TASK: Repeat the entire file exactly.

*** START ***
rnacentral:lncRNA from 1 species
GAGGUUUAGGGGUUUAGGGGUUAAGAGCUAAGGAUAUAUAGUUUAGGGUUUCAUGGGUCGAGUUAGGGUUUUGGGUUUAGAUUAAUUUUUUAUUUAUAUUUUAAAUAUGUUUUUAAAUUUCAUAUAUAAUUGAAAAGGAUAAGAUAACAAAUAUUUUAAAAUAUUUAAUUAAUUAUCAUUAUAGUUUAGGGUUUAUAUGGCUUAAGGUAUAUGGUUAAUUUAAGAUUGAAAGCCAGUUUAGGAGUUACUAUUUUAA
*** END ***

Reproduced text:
rnacentral:lncRNA from 1 species
GAGGUUUAGGGGUUUAGGGGUUAAGAGCUAAGGAUAUAUAGUUUAGGGUUUCAUGGGUCGAGUUAGGGUUUUGGGUUUAGAUUAAUUUUUUAUUUAUAUUUUAAAUAUGUUUUUAAAUUUCAUAUAUAAUUGAAAAGGAUAAGAUAACAAAUAUUUUAAAAUAUUUAAUUAAUUAUCAUUAUAGUUUAGGGUUUAUAUGGCUUAAGGUAUAUGGUUAAUUUAAGAUUGAAAGCCAGUUUAGGAGUUACUAUUUUAA